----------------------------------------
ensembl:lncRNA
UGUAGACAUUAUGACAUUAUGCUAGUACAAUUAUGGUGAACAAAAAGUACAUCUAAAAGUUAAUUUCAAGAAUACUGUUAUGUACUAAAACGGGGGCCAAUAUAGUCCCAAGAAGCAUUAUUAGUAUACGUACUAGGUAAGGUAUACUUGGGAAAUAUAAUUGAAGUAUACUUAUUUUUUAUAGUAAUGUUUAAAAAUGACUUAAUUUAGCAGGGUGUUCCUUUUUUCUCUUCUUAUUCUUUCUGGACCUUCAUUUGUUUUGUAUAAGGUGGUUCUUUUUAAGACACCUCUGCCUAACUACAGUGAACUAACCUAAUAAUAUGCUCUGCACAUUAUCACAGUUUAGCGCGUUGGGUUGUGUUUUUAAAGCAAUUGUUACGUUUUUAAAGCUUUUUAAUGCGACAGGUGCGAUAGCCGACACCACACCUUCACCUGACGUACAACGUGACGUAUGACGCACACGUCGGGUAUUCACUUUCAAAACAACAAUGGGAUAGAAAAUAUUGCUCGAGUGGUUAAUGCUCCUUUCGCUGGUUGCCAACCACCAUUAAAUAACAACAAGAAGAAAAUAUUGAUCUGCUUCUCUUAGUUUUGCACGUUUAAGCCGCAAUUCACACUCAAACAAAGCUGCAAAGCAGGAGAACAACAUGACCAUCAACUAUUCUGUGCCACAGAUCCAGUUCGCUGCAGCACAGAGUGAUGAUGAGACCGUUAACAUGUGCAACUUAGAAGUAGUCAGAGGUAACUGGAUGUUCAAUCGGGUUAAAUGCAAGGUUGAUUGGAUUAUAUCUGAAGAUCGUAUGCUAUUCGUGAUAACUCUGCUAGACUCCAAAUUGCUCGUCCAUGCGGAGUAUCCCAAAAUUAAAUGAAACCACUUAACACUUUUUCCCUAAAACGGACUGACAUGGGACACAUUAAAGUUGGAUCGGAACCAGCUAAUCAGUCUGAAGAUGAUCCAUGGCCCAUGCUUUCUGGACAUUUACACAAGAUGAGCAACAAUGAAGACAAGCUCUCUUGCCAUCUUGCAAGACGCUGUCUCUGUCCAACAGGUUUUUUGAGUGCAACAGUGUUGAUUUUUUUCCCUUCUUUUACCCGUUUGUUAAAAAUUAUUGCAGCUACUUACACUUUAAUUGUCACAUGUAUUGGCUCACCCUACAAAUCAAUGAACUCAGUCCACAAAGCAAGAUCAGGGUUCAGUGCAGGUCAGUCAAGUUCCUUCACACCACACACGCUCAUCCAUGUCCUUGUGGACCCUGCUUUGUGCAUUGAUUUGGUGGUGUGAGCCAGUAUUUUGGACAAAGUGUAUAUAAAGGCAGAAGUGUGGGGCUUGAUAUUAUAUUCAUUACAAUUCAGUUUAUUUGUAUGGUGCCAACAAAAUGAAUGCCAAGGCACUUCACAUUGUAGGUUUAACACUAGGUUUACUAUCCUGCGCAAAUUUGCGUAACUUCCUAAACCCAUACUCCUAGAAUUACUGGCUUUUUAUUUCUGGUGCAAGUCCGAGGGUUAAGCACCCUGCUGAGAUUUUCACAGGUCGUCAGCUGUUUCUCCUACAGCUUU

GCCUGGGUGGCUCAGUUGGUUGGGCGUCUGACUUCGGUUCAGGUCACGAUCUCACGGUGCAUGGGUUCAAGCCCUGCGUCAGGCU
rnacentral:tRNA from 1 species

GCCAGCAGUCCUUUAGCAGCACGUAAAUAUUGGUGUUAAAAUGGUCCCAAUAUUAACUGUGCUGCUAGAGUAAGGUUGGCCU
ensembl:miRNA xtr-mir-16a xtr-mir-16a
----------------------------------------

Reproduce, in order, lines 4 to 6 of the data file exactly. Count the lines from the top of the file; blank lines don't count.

rnacentral:tRNA from 1 species

GCCAGCAGUCCUUUAGCAGCACGUAAAUAUUGGUGUUAAAAUGGUCCCAAUAUUAACUGUGCUGCUAGAGUAAGGUUGGCCU
ensembl:miRNA xtr-mir-16a xtr-mir-16a